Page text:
46th out of 165 books — 146 voters
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Missing a Beat: The Rants and Regrets of Seymour Krim
In 1961, Beat writer Seymour Krim set Greenwich Village on its ear with a slim volume of essays that featured an unleashed voice, a brash title, and a foreword by Norman Mailer. James Baldwin called Views of a Nearsighted Cannoneer an extraordinary volume. Saul Bellow published an excerpt in his journal The Noble Savage, and Mailer saluted Krim s jazzy prose with its shift ...more
Hardcover, 296 pages
Published March 18th 2010 by Syracuse University Press
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Too much editors' commentary versus actual writing for my taste, but the essential of Krim's work (which are his essays) are here. Krim's best in small doses and his "be-bop" style stretched past say 5000 words can be deadening to somebody just looking for a straightforward read. But he amongst all his "beat" contemporaries seemed in possession of a mind that would allow him to see past so many cultural cliches. Compare him favorably to the likes of Norman Mailer whose "White Negro" period ...more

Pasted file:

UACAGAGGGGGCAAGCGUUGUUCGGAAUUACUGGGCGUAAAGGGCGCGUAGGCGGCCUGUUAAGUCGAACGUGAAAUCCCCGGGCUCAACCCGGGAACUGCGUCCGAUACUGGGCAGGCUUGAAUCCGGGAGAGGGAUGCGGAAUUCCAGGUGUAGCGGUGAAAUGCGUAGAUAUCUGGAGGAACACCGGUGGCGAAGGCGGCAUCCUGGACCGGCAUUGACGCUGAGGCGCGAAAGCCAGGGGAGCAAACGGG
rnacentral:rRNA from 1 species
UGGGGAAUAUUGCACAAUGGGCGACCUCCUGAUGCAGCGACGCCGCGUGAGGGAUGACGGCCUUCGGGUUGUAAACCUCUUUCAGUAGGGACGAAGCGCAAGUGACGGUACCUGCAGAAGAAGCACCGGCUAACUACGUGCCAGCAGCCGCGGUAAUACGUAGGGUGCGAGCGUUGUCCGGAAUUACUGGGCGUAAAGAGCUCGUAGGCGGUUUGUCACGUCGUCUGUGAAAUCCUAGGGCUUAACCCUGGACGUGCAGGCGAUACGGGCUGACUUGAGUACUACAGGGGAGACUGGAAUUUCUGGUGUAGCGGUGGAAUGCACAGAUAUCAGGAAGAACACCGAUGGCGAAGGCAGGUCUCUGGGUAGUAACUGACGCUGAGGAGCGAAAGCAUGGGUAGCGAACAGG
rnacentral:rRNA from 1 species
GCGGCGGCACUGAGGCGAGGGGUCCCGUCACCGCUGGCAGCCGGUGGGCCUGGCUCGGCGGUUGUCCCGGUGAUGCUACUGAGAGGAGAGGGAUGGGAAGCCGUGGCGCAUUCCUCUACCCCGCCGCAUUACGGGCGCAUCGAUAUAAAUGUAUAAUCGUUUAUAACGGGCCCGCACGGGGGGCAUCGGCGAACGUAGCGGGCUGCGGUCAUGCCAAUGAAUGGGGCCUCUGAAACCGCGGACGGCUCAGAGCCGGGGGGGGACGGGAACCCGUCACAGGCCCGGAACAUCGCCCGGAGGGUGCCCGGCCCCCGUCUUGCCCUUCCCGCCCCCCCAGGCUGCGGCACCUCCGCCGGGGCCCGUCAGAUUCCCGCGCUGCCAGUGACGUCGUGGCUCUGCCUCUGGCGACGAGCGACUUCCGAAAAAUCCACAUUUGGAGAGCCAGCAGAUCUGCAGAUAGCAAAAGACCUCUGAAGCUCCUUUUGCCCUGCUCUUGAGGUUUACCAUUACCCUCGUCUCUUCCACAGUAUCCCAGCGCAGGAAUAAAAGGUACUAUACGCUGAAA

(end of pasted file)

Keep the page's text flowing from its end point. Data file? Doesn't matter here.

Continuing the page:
Having never heard of him, I came across Krim's essay "For My Brothers and Sisters in the Failure Business" in Lopate's anthology Art of the Personal Essay. I'm a big fan of essays, especially those with anarchic voices, and Krim's is jolting, wondrous piece. I love discovering long forgotten but talented writers like Krim.
A machine gun mind firing observations. If you are interested in the '50's counterculture Mr. Krim gives it to you straight in observations proven out by the test of time and written naturally in the incisive, rhythmic style that would later be known as beat.